Shortly after Thanksgiving, for our third year, Commemorative Banners honouring the fallen soldiers from past wars were hung on the decorative light posts in the business sections of Port Elgin and Southampton.
This year, we honour 48 of those who made the supreme sacrifice. In Port Elgin there are those from Saugeen Township and Port Elgin. In Southampton, there are 24 recognizing the fallen from Southampton and Saugeen First Nation.
In Port Elgin there are 10 from WWII, 13 from WWI and 1 from the Boer War. Hanging in Southampton are 13 banners from WWII and 11 from WWI.
There are three new banners this year (2019).
Harvey McArthur – Port Elgin
Harvey McArthur was born in Bruce Township in 1895. He enlisted in the 160th Bruce Battalion in February, 1916 and sailed to England in October. It wasn’t until April, 1918 that he finally arrived in France as a member of the 3rd Engineering Battalion.
Harvey’s battalion entered the fray during the most aggressive actions to remove the German army from France. By August, 1918, the push was on and the 3rd Engineers Battalion was a major part of the action.
He died on the 29th of August in the Battle of the Scarpe, near the French City of Arras when a bomb fell near his section. The story is told in the book “Heroes in Waiting” by Allan Bartley as told by Andy Robinson who was present at the battle.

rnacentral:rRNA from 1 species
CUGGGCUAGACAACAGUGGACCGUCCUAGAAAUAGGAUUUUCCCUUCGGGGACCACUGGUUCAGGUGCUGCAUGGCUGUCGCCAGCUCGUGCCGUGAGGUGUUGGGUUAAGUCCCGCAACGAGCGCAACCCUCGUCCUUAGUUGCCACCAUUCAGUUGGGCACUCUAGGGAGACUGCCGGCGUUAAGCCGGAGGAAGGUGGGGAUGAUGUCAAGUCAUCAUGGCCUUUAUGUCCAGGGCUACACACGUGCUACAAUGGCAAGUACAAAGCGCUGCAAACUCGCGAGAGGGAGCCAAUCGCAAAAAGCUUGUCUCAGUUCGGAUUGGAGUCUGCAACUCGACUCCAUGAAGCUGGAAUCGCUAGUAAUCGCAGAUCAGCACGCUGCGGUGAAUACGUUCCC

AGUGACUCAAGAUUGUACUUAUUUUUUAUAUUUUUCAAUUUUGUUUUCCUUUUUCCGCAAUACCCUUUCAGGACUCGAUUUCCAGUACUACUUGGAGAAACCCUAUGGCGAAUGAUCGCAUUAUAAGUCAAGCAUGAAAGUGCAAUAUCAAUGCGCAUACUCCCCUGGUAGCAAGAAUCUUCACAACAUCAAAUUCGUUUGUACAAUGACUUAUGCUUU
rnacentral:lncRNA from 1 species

Rueben Plant – Southampton
Rueben was born in Arran Township on August 19, 1898 in Arran Township on what is known as the B”” Line. He attended school in Southampton and was working in Stratford as a Machine Helper when he enlisted in London on April 29th , 1918 in the Western Ontario Regiment.
He quickly had his training and arrived in England on July 22, 1918. Rueben arrived in France on October 20, 1918 and soon found himself in the middle of the bloody conflict. His military records show that he was shot and wounded in the back and right hand on November 1 and arrived at a field hospital close to Valenciennes. At that time, he was also found to be suffering from bronchial pneumonia. Sadly, he passed away on November 17, 1918; six days after the war ended. His medical records have a variety of notes indicating that there was some debate about whether his death was from “gun-shot wounds” of “pneumonia”.
Ernest John – Saugeen First Nation
William and Lillian John had threesons that enlisted in WWII. Father William served in WWI. Maurice and Ernest both joined the Grey and Simcoe Foresters out of Owen Sound. The third bother Arthur served with the Perth Regiment out of Stratford.
Two sons died in uniform. Maurice died in Italy in the major battle for Monte Cassino and his banner was hung on our first year.
Sadly; Ernest was killed when hit by a motor vehicle near the French Bay road exit on Highway 21 on Feb. 21, 1941, while home on weekend leave during training at Camp Borden.
Son Arthur did return home.
We shall remember them
By: G. William Streeter